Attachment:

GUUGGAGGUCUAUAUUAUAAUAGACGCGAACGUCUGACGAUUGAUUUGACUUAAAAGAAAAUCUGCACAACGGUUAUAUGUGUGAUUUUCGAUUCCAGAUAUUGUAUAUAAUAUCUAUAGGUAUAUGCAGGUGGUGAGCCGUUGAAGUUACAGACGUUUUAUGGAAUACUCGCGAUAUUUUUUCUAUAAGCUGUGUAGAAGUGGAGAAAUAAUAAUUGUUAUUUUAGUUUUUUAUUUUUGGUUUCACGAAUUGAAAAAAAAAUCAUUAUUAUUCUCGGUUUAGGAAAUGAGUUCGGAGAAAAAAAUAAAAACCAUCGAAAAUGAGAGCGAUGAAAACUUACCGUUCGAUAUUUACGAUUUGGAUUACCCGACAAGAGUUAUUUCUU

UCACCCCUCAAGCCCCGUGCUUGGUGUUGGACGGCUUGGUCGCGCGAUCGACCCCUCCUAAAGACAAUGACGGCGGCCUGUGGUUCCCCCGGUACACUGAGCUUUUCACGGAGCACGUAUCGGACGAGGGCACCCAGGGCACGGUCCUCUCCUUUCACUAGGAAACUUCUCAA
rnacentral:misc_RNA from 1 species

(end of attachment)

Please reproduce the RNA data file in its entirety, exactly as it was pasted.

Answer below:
GUUGGAGGUCUAUAUUAUAAUAGACGCGAACGUCUGACGAUUGAUUUGACUUAAAAGAAAAUCUGCACAACGGUUAUAUGUGUGAUUUUCGAUUCCAGAUAUUGUAUAUAAUAUCUAUAGGUAUAUGCAGGUGGUGAGCCGUUGAAGUUACAGACGUUUUAUGGAAUACUCGCGAUAUUUUUUCUAUAAGCUGUGUAGAAGUGGAGAAAUAAUAAUUGUUAUUUUAGUUUUUUAUUUUUGGUUUCACGAAUUGAAAAAAAAAUCAUUAUUAUUCUCGGUUUAGGAAAUGAGUUCGGAGAAAAAAAUAAAAACCAUCGAAAAUGAGAGCGAUGAAAACUUACCGUUCGAUAUUUACGAUUUGGAUUACCCGACAAGAGUUAUUUCUU

UCACCCCUCAAGCCCCGUGCUUGGUGUUGGACGGCUUGGUCGCGCGAUCGACCCCUCCUAAAGACAAUGACGGCGGCCUGUGGUUCCCCCGGUACACUGAGCUUUUCACGGAGCACGUAUCGGACGAGGGCACCCAGGGCACGGUCCUCUCCUUUCACUAGGAAACUUCUCAA
rnacentral:misc_RNA from 1 species